Chapter 5 - Human Resource Planning and Recruitment (Human Resource Management: Gaining a Competitive Advantage)

Chapter 5 – Planning for and Recruiting Human Resources (Fundamentals of HRM)

Referrals are one of the best sources of recruits for a number of reasons, but at some point, can you have too much of a good thing? When it comes to military service, there is an increasing perception that the applicant pool from which the U.S. Armed Services draws from is too small and getting too narrow, especially when one evaluates this against the diverse skill set required to engage in modern combat on a digital battlefield – one that might involve drones, chemicals, and even nuclear weapons.

With respect to geography, the applicant pool is narrow when one considers the counties where recruits come from. Those who sign up for military service overwhelmingly come from counties in the South and a scattering of communities near military bases. The South, where the culture of military service runs deep and military installations are plentiful, produces 20 percent more recruits than would be expected, based on its population. In contrast, the Northeast, which has very few military bases and a lower percentage of veterans, produce 20 percent fewer. Military leaders have sounded the alarm over the growing gulf between communities that serve and those that do not for years, warning that relying on a small number of counties where the tradition of military service is deeply ingrained is unsustainable.

This narrow pool then becomes narrower when one considers that the single best predictor of who will consider joining the military is a person’s familiarity with the military, and the best predictor of this is whether or not the person has had family members that served. Thus, within a narrow range of counties, the pool becomes even smaller and focused on narrow set of families. More specifically, in 2019, 79 percent of Army recruits reported having a family member who served and in over 30 percent of the cases it was a parent. In a nation where less than 1 percent of the population serves in the military, this pool of applicants in getting very, very small and totally unrepresentative of the country as a whole. The Army alone needs to recruit close to 70,000 people a year and this is challenging when it is basically being staffed like a family business.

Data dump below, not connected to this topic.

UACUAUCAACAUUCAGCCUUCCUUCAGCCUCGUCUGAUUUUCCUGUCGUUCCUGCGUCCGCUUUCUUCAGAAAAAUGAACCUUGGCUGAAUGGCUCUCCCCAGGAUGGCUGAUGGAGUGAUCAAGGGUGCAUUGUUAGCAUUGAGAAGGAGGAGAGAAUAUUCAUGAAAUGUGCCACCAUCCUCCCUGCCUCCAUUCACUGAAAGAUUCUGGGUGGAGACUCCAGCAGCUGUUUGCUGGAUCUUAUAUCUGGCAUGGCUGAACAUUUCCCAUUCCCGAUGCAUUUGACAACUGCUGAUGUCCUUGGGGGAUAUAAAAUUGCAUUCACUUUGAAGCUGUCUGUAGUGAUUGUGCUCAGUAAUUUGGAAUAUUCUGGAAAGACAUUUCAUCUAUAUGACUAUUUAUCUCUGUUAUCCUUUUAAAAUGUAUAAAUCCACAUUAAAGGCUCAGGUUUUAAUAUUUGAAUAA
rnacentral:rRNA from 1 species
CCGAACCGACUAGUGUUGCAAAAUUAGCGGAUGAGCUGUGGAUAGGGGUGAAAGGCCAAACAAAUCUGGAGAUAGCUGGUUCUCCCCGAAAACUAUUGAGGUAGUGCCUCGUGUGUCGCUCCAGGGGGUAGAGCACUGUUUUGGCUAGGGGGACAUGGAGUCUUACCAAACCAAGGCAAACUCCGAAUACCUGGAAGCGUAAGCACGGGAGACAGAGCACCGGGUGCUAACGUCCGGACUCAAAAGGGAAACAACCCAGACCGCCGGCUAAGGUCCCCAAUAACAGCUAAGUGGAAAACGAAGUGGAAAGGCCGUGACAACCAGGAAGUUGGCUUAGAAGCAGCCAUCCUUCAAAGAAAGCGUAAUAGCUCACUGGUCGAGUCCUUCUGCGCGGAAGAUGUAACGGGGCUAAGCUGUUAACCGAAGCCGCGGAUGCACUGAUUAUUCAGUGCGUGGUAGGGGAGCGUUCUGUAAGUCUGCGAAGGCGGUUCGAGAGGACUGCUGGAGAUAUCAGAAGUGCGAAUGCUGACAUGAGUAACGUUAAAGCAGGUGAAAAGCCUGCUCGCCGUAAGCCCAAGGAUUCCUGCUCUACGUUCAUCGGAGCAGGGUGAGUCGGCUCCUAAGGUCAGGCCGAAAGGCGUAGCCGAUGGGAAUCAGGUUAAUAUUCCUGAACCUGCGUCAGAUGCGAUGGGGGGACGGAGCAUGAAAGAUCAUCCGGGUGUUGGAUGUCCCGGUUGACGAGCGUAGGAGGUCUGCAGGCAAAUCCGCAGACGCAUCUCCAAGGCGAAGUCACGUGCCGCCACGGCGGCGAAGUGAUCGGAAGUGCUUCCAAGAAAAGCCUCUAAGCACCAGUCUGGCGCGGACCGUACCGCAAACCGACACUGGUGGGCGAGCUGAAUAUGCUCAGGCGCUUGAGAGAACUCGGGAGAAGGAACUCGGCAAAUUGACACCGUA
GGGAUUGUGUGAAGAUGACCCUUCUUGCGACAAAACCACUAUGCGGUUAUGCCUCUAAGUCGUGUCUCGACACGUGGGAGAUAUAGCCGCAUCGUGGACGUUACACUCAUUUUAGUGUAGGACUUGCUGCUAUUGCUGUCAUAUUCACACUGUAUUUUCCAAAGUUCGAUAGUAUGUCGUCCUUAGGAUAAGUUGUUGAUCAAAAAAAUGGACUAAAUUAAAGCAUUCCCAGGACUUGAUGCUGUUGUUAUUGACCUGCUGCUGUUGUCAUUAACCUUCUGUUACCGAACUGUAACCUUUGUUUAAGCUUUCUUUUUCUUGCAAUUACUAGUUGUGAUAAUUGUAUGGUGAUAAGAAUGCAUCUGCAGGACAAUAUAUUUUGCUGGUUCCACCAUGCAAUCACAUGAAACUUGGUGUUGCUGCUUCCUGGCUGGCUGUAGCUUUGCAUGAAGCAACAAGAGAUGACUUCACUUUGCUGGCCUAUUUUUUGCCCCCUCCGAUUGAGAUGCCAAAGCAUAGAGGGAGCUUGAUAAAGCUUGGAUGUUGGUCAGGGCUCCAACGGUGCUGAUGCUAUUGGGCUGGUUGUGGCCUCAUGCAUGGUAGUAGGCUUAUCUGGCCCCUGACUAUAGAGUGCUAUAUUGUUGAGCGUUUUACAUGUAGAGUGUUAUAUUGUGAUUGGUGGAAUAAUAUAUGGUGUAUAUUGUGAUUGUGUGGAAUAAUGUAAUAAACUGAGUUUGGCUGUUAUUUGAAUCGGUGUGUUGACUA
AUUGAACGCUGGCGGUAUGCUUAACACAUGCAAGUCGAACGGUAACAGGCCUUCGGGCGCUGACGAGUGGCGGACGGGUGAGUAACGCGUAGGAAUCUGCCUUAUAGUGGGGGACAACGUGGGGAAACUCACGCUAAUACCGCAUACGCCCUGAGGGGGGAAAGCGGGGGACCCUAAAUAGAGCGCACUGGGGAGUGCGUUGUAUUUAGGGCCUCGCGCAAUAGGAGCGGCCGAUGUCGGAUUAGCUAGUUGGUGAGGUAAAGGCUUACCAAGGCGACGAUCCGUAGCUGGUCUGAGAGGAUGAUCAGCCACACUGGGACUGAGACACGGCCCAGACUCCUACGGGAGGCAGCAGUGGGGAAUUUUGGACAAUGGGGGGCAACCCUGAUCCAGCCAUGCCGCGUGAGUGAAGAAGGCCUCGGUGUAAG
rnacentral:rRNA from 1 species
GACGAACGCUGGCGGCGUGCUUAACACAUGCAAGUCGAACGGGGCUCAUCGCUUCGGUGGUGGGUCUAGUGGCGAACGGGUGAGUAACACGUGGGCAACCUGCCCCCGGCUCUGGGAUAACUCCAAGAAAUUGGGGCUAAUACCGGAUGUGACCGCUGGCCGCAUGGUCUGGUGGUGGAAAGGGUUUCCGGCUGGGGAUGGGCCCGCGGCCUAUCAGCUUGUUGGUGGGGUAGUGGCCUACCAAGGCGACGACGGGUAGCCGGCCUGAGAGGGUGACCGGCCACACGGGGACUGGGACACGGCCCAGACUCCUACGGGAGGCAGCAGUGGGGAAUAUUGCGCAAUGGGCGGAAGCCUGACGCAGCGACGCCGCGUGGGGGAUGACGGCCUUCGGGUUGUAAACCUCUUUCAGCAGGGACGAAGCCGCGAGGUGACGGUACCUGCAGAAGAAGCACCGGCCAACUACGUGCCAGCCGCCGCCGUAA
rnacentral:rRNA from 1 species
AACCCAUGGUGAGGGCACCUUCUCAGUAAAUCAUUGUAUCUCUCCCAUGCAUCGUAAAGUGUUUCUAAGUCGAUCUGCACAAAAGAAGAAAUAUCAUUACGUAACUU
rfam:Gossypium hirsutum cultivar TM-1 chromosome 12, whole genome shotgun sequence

The Army is well aware that it cannot sustain recruitment numbers by relying on such a narrow applicant pool, and has tried to broaden its appeal with glossy advertisements on social media platforms. It has also tried to make inroads in more liberal communities where they emphasize the college benefits and career training in medical and tech fields. Using these kinds of tactics to expand the applicant pool is critical. As Anthony M. Kurta, secretary of defense for personnel and readiness has stated, “the lack of knowledge and the inability of the general population to identify with those who serve threatens our ability to recruit the number of quality youth with the needed skill sets to maintain our advantage.”

Sources: C. Woody, “The Army is Thinking about the Threat of Nuclear War Again and Wants to Make Sure it has the Right People to Deal with It, Business Insider, January 17, 2020; D. Phillips, “Who Signs Up to Fight? Makeup of U.S. Recruits Shows Glaring Disparity,” The New York Times Online, January 10, 2020; B. Kesling, “Army Deploys Videogames to Reach Recruits Amid Pandemic,” The Wall Street Journal Online, May 17, 2020; B. Kesling, “U.S. Army Tries New Recruiting Tactics After Missing Targets,” The Wall Street Journal Online, September 17, 2019. 

Questions for Students

  1. How is recruiting for the military qualitatively different than recruiting someone for a more traditional job or occupation?     
  2. How has the past success that the military has had recruiting from military families become a liability as the organization prepares for its future, and what can be done to get recruiters to become more risk seeking when it comes to reaching out to different communities?   

Note for Instructors

The NBC News six minute video “US military faces historic struggle with recruitment” from  discusses why the military is having difficulty recruiting and impact on military effectiveness (military readiness). The PBS NewsHour eight minute video discusses proposed solutions to the recruiting problem. You can use this video as a follow-up after discussing the questions and ask students to note the proposed solutions and evaluate which of them they believe will be most effective. If you have students who served in the military in your class you can ask them for their perspective on the recruiting crisis. For example, what’s attractive and unattractive about serving in the military.